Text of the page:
You will see a U shapped metal clip. This is what the pads slide on. Remove that by force. I had to hammer and pry mine out. Note that it also has one kotter pin or whatever holding it on.

Once that is out, the retainer spring which is sort of looks like a small sci fi spaceship should fall out.

Now you should be able to pry out the old pads. You will also need to remove the caliper if you want to replace the rotors.

You then see the piston and it's 2 holes. You probably need a tool for this but mechman said he used a needle nose plyer. Probably the kind that have the 90 degree bend at the tip.

Screw that piston in, like you would screw in a screw It takes many turns, after a while, you will find you can push it in.

Once it is in all the way and you have the new rotors on, slide in the pads, install the u pin and cotter pin (tap in with hammer) I also had to drill the holes larger in the pads for this. And make sure you have a new hardware kit too.

Fit the spring space ship looking thing as it was in before. Either look at the other side or take a pic first.

Then you need to measure the clearence of the tab on the back of the caliper. This ensures the parking brake is working correctly. See a manual for specs.
 

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with these antique calipers for there to be any change they will work somewhat correctly after replacing pads, also buy the $10 hardware kit along with the pads. You get the new clips, pins and the U bracket.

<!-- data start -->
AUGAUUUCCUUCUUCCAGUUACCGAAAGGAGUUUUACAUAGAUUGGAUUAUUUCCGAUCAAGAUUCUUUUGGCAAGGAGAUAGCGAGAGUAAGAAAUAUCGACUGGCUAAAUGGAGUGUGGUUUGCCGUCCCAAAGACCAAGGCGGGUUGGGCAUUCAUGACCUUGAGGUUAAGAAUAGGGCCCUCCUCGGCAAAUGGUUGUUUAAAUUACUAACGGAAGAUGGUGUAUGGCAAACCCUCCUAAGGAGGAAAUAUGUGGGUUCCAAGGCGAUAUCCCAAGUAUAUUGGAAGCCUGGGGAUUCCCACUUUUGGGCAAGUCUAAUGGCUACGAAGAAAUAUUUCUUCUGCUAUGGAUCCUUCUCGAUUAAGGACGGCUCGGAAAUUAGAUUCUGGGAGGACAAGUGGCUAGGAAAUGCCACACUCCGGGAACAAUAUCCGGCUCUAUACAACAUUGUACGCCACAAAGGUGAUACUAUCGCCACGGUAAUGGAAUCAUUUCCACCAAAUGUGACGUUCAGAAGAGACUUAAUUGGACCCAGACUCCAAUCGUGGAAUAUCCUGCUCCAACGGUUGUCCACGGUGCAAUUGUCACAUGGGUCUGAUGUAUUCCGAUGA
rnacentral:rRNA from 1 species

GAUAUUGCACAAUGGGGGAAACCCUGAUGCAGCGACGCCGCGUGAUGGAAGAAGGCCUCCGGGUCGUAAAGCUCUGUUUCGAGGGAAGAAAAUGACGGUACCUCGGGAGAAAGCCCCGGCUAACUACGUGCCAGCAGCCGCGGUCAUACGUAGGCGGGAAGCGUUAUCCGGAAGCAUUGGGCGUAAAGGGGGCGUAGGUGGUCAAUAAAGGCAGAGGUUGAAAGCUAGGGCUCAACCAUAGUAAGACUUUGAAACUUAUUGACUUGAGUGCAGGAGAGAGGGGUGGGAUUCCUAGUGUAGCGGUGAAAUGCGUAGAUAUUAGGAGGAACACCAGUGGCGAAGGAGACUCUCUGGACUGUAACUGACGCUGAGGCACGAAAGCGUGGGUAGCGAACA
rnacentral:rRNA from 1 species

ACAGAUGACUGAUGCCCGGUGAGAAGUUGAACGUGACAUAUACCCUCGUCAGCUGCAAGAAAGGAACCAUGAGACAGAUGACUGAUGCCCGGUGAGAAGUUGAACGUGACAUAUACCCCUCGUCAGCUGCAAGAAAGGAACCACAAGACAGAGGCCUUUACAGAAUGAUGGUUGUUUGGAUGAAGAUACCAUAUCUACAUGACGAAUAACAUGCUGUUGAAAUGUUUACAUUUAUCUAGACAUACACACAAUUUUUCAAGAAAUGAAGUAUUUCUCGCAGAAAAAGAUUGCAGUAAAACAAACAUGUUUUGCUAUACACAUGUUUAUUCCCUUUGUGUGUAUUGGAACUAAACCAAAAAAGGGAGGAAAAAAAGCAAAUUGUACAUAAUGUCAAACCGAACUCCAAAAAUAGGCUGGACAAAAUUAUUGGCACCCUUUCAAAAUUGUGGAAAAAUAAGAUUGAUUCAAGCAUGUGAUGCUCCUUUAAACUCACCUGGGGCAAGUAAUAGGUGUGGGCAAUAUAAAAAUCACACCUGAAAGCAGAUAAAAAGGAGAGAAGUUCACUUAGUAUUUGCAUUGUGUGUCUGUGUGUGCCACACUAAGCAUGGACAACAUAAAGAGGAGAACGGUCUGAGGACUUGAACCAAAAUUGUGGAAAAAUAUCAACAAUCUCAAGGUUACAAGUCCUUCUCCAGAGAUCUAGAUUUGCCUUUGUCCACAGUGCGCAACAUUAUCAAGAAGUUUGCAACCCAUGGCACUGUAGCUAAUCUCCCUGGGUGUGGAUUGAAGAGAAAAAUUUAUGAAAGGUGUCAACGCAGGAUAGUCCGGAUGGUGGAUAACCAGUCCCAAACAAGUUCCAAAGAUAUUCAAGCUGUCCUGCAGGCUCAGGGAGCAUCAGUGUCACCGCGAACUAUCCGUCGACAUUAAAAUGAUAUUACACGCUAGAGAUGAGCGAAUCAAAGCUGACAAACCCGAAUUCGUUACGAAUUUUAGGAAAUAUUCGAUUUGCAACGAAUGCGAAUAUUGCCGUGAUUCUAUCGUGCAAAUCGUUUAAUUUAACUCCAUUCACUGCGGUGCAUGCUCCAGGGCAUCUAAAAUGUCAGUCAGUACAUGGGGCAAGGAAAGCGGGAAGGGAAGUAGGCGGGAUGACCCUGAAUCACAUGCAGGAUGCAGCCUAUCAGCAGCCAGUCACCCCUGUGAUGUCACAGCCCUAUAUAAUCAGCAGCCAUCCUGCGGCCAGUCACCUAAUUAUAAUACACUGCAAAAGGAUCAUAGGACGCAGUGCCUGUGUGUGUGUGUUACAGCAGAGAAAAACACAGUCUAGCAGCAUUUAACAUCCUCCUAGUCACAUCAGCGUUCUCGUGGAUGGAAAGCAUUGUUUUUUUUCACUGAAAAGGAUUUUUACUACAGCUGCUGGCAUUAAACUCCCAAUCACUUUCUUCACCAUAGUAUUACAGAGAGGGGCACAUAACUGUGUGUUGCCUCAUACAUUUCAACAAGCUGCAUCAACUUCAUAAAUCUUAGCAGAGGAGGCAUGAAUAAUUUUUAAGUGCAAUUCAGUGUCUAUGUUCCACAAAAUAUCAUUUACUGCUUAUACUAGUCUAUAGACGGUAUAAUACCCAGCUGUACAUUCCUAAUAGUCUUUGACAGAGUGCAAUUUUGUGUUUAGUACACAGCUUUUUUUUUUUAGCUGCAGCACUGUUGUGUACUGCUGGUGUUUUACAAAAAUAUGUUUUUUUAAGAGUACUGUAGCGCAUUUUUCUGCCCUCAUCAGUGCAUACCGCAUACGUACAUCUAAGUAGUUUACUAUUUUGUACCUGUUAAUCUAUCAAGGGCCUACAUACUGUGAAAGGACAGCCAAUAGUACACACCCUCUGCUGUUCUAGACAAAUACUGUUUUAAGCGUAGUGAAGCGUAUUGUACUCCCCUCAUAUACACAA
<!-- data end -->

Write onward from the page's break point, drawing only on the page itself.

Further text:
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^^ x2 for sure.
 

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Anyone that says changing the brake pads on one of these cars is too difficult shouldn't be allowed near tools. Brake jobs are the second thing you should learn how to perform on a car, right behind fluid changes.
This is a simple, straight forward job, and Tweek's write-up covers it just fine. As for the special tool, I made mine with a piece of Aluminum flat stock about one inch wide by twelve inches long, with two rivets driven through at one end in spacing appropriate to the piston. An adjustable pin spanner would work well, with 90* bend needle nose pliers getting the job done in a pinch. Screw the piston in for a while, stopping to press the piston back into the caliper every so often. You can use some hunks of wood and a large flat screw driver to lever the things in if you don't have a set of pry bars. Note: be careful of the dust boot around the piston's perimeter when prying on the thing- you don't want to damage this part.
Once the piston is almost all the way retracted, you can start test-fitting the new pads; in my experience, you will need to retract it ALL the way to get the new pads in. Also, look for the spot on the edge of the rotor that has been milled in towards the axle a bit- if the rotors have a little wear, there wont be a ridge to get the pads over here.
A little anti-squeal on the back of the pads will help with noise. Once all is back together, Test the brakes cautiously before even leaving the garage. Adjust the parking brake as outlined in the manual- If I recall correctly, you raise the parking brake three clicks and then pump the brakes a few times. Release the brake, drive a bit and repeat.

Best advice given in this thread is to get the Bentley manual. This book has everything, and WELL worth the $20-$30 you will pay for it.